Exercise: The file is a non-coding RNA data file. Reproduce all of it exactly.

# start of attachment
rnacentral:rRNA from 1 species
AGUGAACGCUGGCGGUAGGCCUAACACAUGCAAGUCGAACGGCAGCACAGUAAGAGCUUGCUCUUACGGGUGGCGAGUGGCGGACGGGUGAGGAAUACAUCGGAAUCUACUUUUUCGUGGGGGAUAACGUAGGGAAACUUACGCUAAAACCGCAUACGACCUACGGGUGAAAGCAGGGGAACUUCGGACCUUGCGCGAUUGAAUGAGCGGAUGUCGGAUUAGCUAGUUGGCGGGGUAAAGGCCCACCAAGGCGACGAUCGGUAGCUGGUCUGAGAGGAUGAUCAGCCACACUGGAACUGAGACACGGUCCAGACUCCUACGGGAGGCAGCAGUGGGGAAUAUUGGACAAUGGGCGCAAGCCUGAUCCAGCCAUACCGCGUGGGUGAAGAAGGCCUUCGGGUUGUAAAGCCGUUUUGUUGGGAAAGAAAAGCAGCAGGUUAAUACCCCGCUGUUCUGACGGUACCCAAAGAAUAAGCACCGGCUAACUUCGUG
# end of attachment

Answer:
rnacentral:rRNA from 1 species
AGUGAACGCUGGCGGUAGGCCUAACACAUGCAAGUCGAACGGCAGCACAGUAAGAGCUUGCUCUUACGGGUGGCGAGUGGCGGACGGGUGAGGAAUACAUCGGAAUCUACUUUUUCGUGGGGGAUAACGUAGGGAAACUUACGCUAAAACCGCAUACGACCUACGGGUGAAAGCAGGGGAACUUCGGACCUUGCGCGAUUGAAUGAGCGGAUGUCGGAUUAGCUAGUUGGCGGGGUAAAGGCCCACCAAGGCGACGAUCGGUAGCUGGUCUGAGAGGAUGAUCAGCCACACUGGAACUGAGACACGGUCCAGACUCCUACGGGAGGCAGCAGUGGGGAAUAUUGGACAAUGGGCGCAAGCCUGAUCCAGCCAUACCGCGUGGGUGAAGAAGGCCUUCGGGUUGUAAAGCCGUUUUGUUGGGAAAGAAAAGCAGCAGGUUAAUACCCCGCUGUUCUGACGGUACCCAAAGAAUAAGCACCGGCUAACUUCGUG